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RE: CCIE True Interview Story posted 11/25/2008
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More spam.....who cares.

Get over it and move on.

By the way, this is NOT an interesting read.  

- Brandon

-----Original Message-----
From: nobody@xxxxxxxxxxxxxx [mailto:nobody@xxxxxxxxxxxxxx] On Behalf Of
Sent: Tuesday, November 25, 2008 10:50 AM
Cc: nortic; Huzefa; Cisco Godfather;
Subject: CCIE True Interview Story

Not true Dinesh. The whole idea of putting the post is not to embarass
and I was very considerate in the level and toughness of question I
asked. His
name is not even Ali and I am not gloating over anyone.
I once read a famous quote online when preparing for my CCIE, that at
timeB the people who had passed did not know what IP was. I was one of
people, so I am not in a position to gloat,B because I know where my
came from. Without God I cannot do anything. Now I am not trying to get
into a
religious arguement, just sharing my faith.
There are some people in this forum thinking right now thatB these
were unfair to a CCIE,B that theB candidate wasB nervous, or did he
cheat to
pass his exam? Some thinking it is picking on the negative side, that
interviewer did not like the candidate..etc
This is an open forum, anyone can share opinions. It makes for an
Dear Nki,

It seems clear that you where unable to interview at CCIE level.
someone who has just passed CCIE knows routing and switching. If you
interview someone try to understand that they may be nervous and not
able to
express themselves under the stress. A good interviewer would simply try
find the best in the person and focus on what they know. Not delve on a
candidates negative side and then gloat on the ccie forum where people
trying their best to pass. My guess you just didn't like the guy and
subconsciously looking for a reason not to employ him.

On Tue, Nov 25, 2008 at 1:49 PM, Marko Milivojevic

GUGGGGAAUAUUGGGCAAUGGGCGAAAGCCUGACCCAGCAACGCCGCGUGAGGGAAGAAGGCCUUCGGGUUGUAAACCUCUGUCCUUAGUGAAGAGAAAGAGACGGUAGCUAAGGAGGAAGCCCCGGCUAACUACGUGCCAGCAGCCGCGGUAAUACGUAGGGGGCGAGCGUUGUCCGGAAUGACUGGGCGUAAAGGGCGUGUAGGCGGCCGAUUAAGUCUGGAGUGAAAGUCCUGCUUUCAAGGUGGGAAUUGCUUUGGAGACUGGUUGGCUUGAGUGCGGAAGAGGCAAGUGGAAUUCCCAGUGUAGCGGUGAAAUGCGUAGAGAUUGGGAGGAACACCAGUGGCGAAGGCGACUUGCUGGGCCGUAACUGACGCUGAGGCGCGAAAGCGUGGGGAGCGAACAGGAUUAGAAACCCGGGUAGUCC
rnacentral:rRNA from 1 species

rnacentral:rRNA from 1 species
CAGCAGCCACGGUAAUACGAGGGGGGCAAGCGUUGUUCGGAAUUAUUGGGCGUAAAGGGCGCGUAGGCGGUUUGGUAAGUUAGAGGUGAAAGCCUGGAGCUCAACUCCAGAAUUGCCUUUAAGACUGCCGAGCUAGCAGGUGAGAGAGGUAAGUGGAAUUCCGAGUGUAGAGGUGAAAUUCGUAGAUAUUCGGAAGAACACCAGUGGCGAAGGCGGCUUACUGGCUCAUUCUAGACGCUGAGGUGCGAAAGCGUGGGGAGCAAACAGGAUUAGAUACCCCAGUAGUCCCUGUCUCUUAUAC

> On Tue, Nov 25, 2008 at 13:00, nortic
> <nortic@xxxxxxxxxxxxxx> wrote:
> > funny how it is always the CCIE's who dont speak english as a first
> language that are considered as
> > utterly useless idjits. Quite frankly I dont care if i cant explain
> simple network concepts so that the
> > techinical manager can understand it. If i wanted to explain how
> works to someone I would
> > become a techinical instructor. Give me the equipment and i'll show
> how it works.
> I must disagree on one thing. If someone is applying for a consultancy
> job (i.e. any job that requires interaction with customers), that
> someone should be able to fluently speak the language of the region.
> So, if someone is applying for a job in US, he or she should be fluent
> in English. If one is applying for an international position, not
> speaking English is a show-stopper. Some environments tolerate local
> language ignorance, as long as Business Esperanto (English) is spoken.
> I must absolutely disagree with not knowing how to explain things in
> at least some detail. What good is that you can punch a bunch of
> commands in terminal when you can't explain what you are doing or what
> the root-cause of the particular problem is?
> > Next pom or yank to apply in UAE will be interviewed in arabic.
> Fair enough if one is expected to interact with Arabic customers. If
> one is applying for a position in Dubai in order to support EMEA,
> English would be more important than Arabic.
> --
> Marko
> CCIE #18427 (SP)
> My network blog:
>B  Blogs and organic groups at
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